Heinz targets U.S. restaurants engaged in ‘Ketchup Fraud’

Heinz Ketchup says it is going after restaurants caught red-handed attempting to pass off an another product as its brand.

Playing on its longstanding “It has to be Heinz” positioning, the U.S. focused “Ketchup Fraud” campaign from Rethink is using large-scale out-of-home ads in New York and Chicago, accompanied by print ads in titles including The New York Times, US Weekly, and In Touch, as well as social media. The ads recreate scenes of restaurant workers refilling a Heinz bottle with a generic substitute, accompanied by the line “Even when it isn’t Heinz, it has to be Heinz.”

Heinz North America marketing director Megan Lang said the campaign was inspired by a “simple but powerful” Snapchat in which someone was captured on camera refilling a Heinz bottle with another product. Subsequent social listening, she said, found this to be “true and widespread” behaviour.

“We thought, what better way to express our core brand belief that ‘It Has to Be Heinz’ than to simply amplify an existing consumer behaviour in a supportive and funny way?” said Lang.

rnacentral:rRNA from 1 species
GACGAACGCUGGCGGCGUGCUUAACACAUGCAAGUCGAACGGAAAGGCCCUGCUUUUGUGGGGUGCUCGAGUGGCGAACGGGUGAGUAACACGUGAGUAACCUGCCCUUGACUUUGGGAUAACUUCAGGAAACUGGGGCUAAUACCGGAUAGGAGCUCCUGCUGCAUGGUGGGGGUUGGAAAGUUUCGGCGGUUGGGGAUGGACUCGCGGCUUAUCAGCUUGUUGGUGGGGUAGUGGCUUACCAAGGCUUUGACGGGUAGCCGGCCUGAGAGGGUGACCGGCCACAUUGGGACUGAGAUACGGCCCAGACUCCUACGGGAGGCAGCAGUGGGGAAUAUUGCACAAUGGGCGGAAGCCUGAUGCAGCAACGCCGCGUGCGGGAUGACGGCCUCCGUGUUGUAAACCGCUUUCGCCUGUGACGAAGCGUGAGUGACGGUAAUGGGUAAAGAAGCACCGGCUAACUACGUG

Heinz is also asking consumers to tag restaurants they suspect of committing “ketchup fraud” on its Instagram page. It plans to contact the most tagged restaurants and work to a solution that “ultimately helps consumers get the ketchup that they want, while supporting these local restaurants.”

It’s not the first time Heinz has gone after restaurants attempting to pass off rival brands as its ketchup. “[W]ithin the industry, the practice is no secret,” said a 2000 article in The Wall Street Journal, in which Heinz said that at least 20% of restaurants it talked to admitted to refilling their bottles with something other than Heinz.

One restaurant admitted to buying Hunt’s ketchup in 28.5-pound bags and pouring it into empty Heinz bottles. “It’s a messy job,” one employee told the Journal. At the time, the brand was trying to get restaurants to switch out its traditional see-through bottles for a plastic squeeze bottle with an unremovable top.

Starcom’s Publicis 57 handled U.S. media for the campaign, with Zeno on public relations.

Chris Powell